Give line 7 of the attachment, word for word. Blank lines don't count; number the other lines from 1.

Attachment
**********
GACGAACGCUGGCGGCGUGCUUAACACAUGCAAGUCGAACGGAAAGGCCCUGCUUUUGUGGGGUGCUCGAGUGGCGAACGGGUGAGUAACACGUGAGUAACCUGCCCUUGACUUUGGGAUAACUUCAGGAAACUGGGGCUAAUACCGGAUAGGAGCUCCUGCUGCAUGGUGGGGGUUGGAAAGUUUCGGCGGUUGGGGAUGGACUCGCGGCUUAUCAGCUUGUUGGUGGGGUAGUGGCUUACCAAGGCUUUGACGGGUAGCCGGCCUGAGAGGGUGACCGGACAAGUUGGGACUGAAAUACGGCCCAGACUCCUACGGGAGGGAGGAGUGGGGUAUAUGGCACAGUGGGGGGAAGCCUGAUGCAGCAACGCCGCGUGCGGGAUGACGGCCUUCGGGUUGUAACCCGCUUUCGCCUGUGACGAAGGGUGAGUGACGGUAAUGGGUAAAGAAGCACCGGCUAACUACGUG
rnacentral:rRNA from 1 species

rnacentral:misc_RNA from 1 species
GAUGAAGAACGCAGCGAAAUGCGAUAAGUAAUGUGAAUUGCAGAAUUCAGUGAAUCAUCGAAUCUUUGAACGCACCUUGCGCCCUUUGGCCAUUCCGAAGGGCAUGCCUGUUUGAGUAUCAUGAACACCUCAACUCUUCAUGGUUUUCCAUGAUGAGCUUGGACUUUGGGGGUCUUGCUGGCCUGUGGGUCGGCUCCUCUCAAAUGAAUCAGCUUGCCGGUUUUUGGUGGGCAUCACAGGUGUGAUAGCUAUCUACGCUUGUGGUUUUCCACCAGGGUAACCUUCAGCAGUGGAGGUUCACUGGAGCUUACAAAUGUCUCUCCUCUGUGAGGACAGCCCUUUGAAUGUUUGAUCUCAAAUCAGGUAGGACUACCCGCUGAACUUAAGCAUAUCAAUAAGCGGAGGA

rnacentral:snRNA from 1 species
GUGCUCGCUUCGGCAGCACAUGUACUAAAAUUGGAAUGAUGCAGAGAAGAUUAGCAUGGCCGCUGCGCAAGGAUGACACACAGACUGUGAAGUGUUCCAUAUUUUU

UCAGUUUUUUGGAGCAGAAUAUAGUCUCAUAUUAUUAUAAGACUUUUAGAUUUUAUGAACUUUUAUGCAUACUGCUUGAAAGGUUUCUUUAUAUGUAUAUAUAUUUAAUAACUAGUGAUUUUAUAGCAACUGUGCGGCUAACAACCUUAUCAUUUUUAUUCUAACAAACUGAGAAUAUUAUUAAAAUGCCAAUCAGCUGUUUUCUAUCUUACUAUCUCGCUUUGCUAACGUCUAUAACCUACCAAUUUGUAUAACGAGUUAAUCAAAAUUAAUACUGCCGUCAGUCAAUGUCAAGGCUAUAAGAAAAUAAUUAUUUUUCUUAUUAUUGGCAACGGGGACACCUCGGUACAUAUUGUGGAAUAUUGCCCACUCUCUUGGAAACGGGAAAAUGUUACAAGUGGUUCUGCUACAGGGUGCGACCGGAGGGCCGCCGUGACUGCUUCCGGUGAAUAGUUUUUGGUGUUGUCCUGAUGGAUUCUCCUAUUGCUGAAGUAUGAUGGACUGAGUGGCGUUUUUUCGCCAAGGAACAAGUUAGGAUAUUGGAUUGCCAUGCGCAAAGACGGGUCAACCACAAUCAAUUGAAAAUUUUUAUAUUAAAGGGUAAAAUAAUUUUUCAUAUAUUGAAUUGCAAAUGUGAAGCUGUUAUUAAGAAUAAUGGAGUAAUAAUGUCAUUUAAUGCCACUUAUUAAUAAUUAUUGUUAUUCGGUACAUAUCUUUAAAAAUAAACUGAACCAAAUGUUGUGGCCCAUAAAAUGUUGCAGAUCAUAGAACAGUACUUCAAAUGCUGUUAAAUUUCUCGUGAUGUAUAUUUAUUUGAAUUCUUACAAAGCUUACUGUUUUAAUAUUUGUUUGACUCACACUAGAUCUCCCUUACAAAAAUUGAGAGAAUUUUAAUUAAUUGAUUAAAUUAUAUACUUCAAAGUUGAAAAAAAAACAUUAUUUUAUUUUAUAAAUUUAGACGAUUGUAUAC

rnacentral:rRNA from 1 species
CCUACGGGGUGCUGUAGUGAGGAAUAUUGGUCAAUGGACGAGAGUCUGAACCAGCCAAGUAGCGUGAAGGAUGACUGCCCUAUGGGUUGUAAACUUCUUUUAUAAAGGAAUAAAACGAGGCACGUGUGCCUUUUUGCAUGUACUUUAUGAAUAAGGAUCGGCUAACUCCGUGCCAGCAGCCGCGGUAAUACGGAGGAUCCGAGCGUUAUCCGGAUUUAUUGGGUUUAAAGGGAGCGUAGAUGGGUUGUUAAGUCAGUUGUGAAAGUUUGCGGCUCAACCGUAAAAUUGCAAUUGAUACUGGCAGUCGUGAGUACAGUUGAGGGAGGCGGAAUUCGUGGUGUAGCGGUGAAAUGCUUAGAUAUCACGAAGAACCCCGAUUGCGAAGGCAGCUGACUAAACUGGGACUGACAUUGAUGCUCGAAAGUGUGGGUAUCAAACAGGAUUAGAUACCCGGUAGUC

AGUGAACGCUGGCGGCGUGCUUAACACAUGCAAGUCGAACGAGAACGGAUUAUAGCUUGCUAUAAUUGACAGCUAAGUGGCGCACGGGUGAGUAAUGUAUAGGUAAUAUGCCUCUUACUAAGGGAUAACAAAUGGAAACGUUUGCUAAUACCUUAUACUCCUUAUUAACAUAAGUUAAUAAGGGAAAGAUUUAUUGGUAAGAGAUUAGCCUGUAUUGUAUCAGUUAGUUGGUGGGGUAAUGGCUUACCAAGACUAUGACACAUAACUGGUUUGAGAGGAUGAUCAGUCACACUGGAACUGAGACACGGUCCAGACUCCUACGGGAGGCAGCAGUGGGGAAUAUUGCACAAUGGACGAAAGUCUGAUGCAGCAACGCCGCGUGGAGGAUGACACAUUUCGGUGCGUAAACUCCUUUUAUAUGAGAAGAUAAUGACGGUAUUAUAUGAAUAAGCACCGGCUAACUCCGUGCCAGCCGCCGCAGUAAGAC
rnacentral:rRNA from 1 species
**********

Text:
UCAGUUUUUUGGAGCAGAAUAUAGUCUCAUAUUAUUAUAAGACUUUUAGAUUUUAUGAACUUUUAUGCAUACUGCUUGAAAGGUUUCUUUAUAUGUAUAUAUAUUUAAUAACUAGUGAUUUUAUAGCAACUGUGCGGCUAACAACCUUAUCAUUUUUAUUCUAACAAACUGAGAAUAUUAUUAAAAUGCCAAUCAGCUGUUUUCUAUCUUACUAUCUCGCUUUGCUAACGUCUAUAACCUACCAAUUUGUAUAACGAGUUAAUCAAAAUUAAUACUGCCGUCAGUCAAUGUCAAGGCUAUAAGAAAAUAAUUAUUUUUCUUAUUAUUGGCAACGGGGACACCUCGGUACAUAUUGUGGAAUAUUGCCCACUCUCUUGGAAACGGGAAAAUGUUACAAGUGGUUCUGCUACAGGGUGCGACCGGAGGGCCGCCGUGACUGCUUCCGGUGAAUAGUUUUUGGUGUUGUCCUGAUGGAUUCUCCUAUUGCUGAAGUAUGAUGGACUGAGUGGCGUUUUUUCGCCAAGGAACAAGUUAGGAUAUUGGAUUGCCAUGCGCAAAGACGGGUCAACCACAAUCAAUUGAAAAUUUUUAUAUUAAAGGGUAAAAUAAUUUUUCAUAUAUUGAAUUGCAAAUGUGAAGCUGUUAUUAAGAAUAAUGGAGUAAUAAUGUCAUUUAAUGCCACUUAUUAAUAAUUAUUGUUAUUCGGUACAUAUCUUUAAAAAUAAACUGAACCAAAUGUUGUGGCCCAUAAAAUGUUGCAGAUCAUAGAACAGUACUUCAAAUGCUGUUAAAUUUCUCGUGAUGUAUAUUUAUUUGAAUUCUUACAAAGCUUACUGUUUUAAUAUUUGUUUGACUCACACUAGAUCUCCCUUACAAAAAUUGAGAGAAUUUUAAUUAAUUGAUUAAAUUAUAUACUUCAAAGUUGAAAAAAAAACAUUAUUUUAUUUUAUAAAUUUAGACGAUUGUAUAC